Jon Meacham, Executive Editor of "Newsweek" joined the Obama bandwagon on Monday’s "Imus in the Morning" program. Mr Meacham declared that Senator Obama’s presidential candidacy was a good thing because it will make people face their prejudices, not only in terms of race, but against Democrats as well. Meacham further declared Senator Hillary Clinton to be old news. Later, in the segment, Meacham praised John Kerry, particularly his "finest moment" when he denounced the Vietnam war and claimed Senator Kerry’s statement asking "how do you ask a man to be the last man to die for a mistake," is prescient now, and Mr. Meacham regrets that the Democrats are so rough on the Massachusetts Senator.
Their sympathetic peers in the entertainment industry awarded The Dixie Chicks five Grammys at Sunday night's awards ceremony, including Song of the Year for "Not Ready to Make Nice," the group's petulant response to critics who disapproved of singer Natalie Maines' remark onstage in London in 2003: "Just so you know, we're ashamed the president of the United States is from Texas." (Maines is from Texas.)
The Monday story showed the Times once again portraying the Dixie Chicks as free-speech martyrs, while managing to avoid mentioning the scads of free, flattering publicity in the wake of the incident and subsequent fiery comments by Maines that alienated much of her previous fanbase.
The AP has found a new way to attack TV's 24. They say that because of the depiction of character Jack Bauer's, shall we say, short-cuts in interrogating prisoners his ways have now infected the US Military. Absurdly, the AP is advancing the case, in "Does Jack Bauer Influence Interrogators?", that "there are indications that real-life American interrogators in Iraq are taking cues from what they see on television."
Are they indeed? Says who?
Predictably the AP reports these claims are from the "advocacy group Human Rights First".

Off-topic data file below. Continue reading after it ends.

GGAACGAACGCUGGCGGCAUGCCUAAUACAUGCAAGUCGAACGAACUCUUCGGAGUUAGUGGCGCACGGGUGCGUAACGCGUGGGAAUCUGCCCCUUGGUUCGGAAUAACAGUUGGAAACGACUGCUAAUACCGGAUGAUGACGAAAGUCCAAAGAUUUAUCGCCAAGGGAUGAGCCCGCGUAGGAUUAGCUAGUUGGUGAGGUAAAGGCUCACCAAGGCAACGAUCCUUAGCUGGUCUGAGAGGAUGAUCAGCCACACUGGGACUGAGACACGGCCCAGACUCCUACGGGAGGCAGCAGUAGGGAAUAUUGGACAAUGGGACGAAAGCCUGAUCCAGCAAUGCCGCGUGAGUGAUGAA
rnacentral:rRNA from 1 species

Don't believe me? Ask the Boston Globe. Better put, have a gander at the paper's editorial cartoon of today. What does the Globe mean by saying that Mitt Romney "once worshipped at the church of moderation"? No doubt the Globe has in mind Mitt's glory days of 1994, campaigning against Ted Kennedy for his Senate seat.
As the Globe documented here, in 1994, Romney aligned himself with Kennedy on abortion, arguing that it should be safe and legal. He also voiced support for the controversial abortion pill RU-486. And when it came to gay rights, Romney portrayed himself as being an even more ardent advocate for the cause, promising "more effective leadership" than Kennedy on winning "full equality" for gays and lesbians, opposed a federal constitutional amendment banning gay marriage, and advocated gays serving openly in the military.
Regular readers know I'm not in the habit of choosing unflattering screencaps, but sometimes devotion to accurately portraying the tenor of an event demands it. Which it does in spades in conveying the vituperation unleashed on MSNBC today in an exchange over the Edwards blogger brouhaha between Dem strategist Julie Roginsky and GOP strategist Brad Blakeman.